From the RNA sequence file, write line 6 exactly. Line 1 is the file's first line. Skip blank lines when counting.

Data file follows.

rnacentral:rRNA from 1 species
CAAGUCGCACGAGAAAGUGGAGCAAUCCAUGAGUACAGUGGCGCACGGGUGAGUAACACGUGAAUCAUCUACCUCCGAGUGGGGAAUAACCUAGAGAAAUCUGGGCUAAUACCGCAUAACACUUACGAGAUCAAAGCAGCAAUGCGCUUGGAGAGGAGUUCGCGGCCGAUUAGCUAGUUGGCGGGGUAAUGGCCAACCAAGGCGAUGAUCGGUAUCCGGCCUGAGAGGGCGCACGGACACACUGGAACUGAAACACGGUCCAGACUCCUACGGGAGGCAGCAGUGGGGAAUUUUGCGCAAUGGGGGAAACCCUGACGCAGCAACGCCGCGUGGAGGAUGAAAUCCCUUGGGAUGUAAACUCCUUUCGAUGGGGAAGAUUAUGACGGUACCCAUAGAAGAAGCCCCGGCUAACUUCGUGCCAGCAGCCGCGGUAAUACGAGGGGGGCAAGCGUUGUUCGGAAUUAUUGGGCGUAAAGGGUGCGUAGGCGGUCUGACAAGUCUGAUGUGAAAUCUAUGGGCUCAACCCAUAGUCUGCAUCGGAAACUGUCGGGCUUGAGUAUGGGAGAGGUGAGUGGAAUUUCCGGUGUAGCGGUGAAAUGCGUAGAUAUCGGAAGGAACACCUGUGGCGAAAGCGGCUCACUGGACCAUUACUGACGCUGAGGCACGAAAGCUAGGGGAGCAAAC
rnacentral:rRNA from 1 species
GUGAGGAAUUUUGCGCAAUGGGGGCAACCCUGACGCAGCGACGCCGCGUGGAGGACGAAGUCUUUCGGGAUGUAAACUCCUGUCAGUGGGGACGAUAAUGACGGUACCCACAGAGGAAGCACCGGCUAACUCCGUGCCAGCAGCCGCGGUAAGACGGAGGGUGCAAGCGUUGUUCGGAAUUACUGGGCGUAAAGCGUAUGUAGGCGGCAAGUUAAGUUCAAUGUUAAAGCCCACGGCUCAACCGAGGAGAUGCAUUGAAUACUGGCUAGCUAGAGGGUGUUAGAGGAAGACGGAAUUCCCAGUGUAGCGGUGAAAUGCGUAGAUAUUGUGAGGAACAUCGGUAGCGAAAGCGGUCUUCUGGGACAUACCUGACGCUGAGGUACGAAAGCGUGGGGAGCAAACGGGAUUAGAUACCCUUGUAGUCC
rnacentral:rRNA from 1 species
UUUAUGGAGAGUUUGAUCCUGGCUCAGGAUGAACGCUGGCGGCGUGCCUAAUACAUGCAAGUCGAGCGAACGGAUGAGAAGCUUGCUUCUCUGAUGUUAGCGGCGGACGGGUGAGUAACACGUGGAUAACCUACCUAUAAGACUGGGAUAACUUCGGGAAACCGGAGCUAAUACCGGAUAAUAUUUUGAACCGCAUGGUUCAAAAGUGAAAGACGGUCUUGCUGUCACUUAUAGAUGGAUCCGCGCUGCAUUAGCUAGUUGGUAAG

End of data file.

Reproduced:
UUUAUGGAGAGUUUGAUCCUGGCUCAGGAUGAACGCUGGCGGCGUGCCUAAUACAUGCAAGUCGAGCGAACGGAUGAGAAGCUUGCUUCUCUGAUGUUAGCGGCGGACGGGUGAGUAACACGUGGAUAACCUACCUAUAAGACUGGGAUAACUUCGGGAAACCGGAGCUAAUACCGGAUAAUAUUUUGAACCGCAUGGUUCAAAAGUGAAAGACGGUCUUGCUGUCACUUAUAGAUGGAUCCGCGCUGCAUUAGCUAGUUGGUAAG